Sagamore Hill National Historic Site 

Location: Oyster Bay, NY 

Size: 83 acres 

Date of hike: Nov. 11, 2018

Sagamore Hill is best known for being the home of U.S. President Theodore Roosevelt from 1885 until his death in 1919.  It was also called the "Summer White House" when he moved the executive office there for the summers of 1902-1908.  In honor of Veterans Day, I decided to visit the historical site and was pleasantly surprised to see that free tours of the house's first floor were being offered for the holiday.  Upon visiting though, I realized the site is more than just a landmark.  It also has an awesome waterfront hike, among other things.

For starters, let's talk some history.  Sagamore Hill came to be after a 22-year-old Roosevelt purchased 155 acres for $30,000 on Cove Neck, a little peninsula in the Town of Oyster Bay, in 1880, according to the National Park Service's website.  In 1884, he hired an architectural firm to design a Queen Anne-style house for the property, which was completed for $16,975 in 1886.  "The hill had no trees then, with a barn its only building," according to a pamphlet.  "Of the property's 155 acres, he kept 95 and sold the rest to relatives."  Roosevelt intended to name the home "Leeholm" after his first wife Alice Hathaway Lee, but she died of kidney disease in 1884 and he remarried two years later to his childhood friend Edith Kermit Crow, who birthed three children on the property.  Roosevelt ultimately decided to name the home "Sagamore Hill" with "Sagamore" being the Algonquin word for a "chieftain," which is the leader of a clan or tribe.  After Edith died in 1948, Sagamore Hill and its assorted contents were bought by the Theodore Roosevelt Association, with Congress then establishing the Sagamore Hill National Historic Site to preserve the house as a unit of the National Park Service in 1962.  It was later listed on the National Register of Historic Places in 1966.

Upon arriving, the first thing you see is the picturesque home on a hill.  It's a Victorian-style structure with 23 rooms filled with mostly original furnishings and lots of taxidermy animals.  The first floor features rooms including Roosevelt's office, a kitchen and dining room, and a drawing room – the latter of which was Edith's domain where she'd often "demand privacy," the pamphlet said.  The second floor includes family bedrooms, guest rooms, and a room with a "great porcelain bathtub," while the top floor includes a sewing room, the household staff's quarters, and Roosevelt's collection of hunting arms.  Lastly, the house's south and west sections have a big piazza from which he looked out over Oyster Bay Harbor and the Long Island Sound.  "The house on the hill was grand but not opulent," according to a sign.  "It had fewer rooms and less staff than other mansions and it didn't have a manicured lawn."  The sign also said that Sagamore Hillparticularly on the insidewas an overall reflection of Roosevelt as a "traveler, explorer, naturalist, hunter and, most importantly, a family man."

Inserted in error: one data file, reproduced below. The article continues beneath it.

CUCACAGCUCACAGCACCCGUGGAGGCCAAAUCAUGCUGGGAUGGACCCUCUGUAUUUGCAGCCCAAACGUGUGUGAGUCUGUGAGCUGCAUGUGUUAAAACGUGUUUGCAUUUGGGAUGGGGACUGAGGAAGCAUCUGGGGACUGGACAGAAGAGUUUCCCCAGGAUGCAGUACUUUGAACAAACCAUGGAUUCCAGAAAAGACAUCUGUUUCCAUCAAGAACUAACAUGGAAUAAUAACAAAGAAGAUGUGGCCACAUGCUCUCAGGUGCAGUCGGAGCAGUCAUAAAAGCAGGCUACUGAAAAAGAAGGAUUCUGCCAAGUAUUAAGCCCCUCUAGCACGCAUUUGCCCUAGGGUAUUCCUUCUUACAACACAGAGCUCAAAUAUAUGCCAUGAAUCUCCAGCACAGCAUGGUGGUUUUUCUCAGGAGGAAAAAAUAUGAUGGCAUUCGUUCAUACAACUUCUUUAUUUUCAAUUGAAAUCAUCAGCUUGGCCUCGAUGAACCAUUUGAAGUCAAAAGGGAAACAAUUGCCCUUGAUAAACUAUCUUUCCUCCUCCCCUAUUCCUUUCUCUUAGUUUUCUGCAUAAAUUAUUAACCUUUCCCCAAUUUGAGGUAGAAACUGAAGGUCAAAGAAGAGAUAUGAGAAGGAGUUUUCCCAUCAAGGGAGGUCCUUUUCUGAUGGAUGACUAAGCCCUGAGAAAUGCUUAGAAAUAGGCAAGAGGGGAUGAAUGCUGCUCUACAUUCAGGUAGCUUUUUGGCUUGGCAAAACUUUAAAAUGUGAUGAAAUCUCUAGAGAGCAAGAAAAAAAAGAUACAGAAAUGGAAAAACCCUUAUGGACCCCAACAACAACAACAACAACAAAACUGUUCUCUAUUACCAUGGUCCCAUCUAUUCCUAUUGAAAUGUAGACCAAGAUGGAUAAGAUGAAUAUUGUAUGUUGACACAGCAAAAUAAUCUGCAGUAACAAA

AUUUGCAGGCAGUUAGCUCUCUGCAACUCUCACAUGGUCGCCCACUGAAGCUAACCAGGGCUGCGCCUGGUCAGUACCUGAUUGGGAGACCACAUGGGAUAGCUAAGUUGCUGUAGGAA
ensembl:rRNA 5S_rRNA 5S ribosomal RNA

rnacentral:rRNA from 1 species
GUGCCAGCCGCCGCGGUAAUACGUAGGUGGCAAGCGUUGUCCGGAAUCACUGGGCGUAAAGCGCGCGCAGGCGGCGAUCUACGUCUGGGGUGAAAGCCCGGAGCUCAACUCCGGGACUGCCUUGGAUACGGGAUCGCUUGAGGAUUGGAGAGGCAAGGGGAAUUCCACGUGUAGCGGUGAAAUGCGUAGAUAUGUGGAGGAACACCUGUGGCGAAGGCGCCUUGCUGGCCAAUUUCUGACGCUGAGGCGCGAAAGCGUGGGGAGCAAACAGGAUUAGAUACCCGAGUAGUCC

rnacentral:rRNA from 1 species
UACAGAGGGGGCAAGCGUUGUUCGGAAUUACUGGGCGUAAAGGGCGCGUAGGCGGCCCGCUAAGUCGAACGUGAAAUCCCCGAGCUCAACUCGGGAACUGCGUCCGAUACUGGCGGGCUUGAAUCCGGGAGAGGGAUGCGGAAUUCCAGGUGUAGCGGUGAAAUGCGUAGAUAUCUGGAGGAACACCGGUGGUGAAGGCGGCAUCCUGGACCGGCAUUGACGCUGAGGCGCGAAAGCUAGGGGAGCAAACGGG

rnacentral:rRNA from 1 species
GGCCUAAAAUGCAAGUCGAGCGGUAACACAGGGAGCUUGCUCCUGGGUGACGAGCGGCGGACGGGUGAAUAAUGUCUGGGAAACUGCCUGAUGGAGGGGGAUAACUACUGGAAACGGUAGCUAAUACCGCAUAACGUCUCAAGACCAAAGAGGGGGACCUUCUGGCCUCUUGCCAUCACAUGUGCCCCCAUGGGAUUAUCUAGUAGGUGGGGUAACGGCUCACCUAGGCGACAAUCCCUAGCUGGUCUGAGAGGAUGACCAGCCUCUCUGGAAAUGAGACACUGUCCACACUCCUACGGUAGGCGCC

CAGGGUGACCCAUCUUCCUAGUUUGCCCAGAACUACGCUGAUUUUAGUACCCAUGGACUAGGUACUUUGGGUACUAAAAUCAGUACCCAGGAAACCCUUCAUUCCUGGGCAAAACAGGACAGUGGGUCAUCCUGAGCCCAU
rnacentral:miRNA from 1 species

After touring the house, I explored the museum and nature trail.  The Old Orchard Museum, which was built in 1937, was home to Theodore Roosevelt Jr. and his wife Eleanor until her death in 1960.  It has a theater that plays biographical films, an exhibit on Roosevelt's life, and other rotating exhibits.  Alongside that building is a trail through 35 acres of land filled with chestnuts, elms and cedars.  It leads to an adorable boardwalk that crosses a creek and ends on a beach bordering Cold Spring Harbor.  "He hiked these woods with his wife, kids and friends, pausing now and then to listen and spot birds," a sign said of Roosevelt, noting that he once identified 42 species around his home in one dayHe'd also lead his family on overnight campouts or picnics on distant beaches, another sign said, and the children would take rowboats up and down the coast seeking places to fish or explore.

Other attractions include a barn, windmill and ice house – all of which had signs explaining their functions during Roosevelt's time.  With regard to wildlife, the land has everything from wood frogs to spotted salamanders to painted and snapping turtles, with birds ranging from winter wren to great crested flycatchers to ruby-crowned kinglets, according to the National Park Service's website.  It's most abundant reptile is the northern diamond terrapin and the land has over 20 species of dragonflies and damselflies, the website said.  Also, the park's forest type is "deciduous, second-growth oak-tulip trees," including a two-acre patch in the northwestern corner that has remained predominantly free of exotic species, the site said.

For those planning to visit Sagamore Hill, there is no fee to enter the grounds or museum, according to the National Park Service's website.  Admission to the home is $10 for those over the age of 15, with no cost to those 15 and under, and access is by guided tour only.  Pets are welcome just like they were "when the Roosevelts lived here,"  the website said.  Interestingly, Roosevelt's six children kept normal pets like dogs and they also had more exotic ones like "parrots, guinea pigs, mice, and a badger named Josiah," the site said.

In closing, I'd say that Sagamore Hill is a must-see spot for local lovers of hiking or history.  While the hiking is limited due to the site's small size, the beauty is unlimited.  In addition, Roosevelt's grave is only about a mile away at Youngs Memorial Cemetery on Cove Road, and I couldn't resist seeing his final resting place.  It was a great end to my Veterans Day. 

Video: Sagamore Hill National Historic Site (360-degree view)

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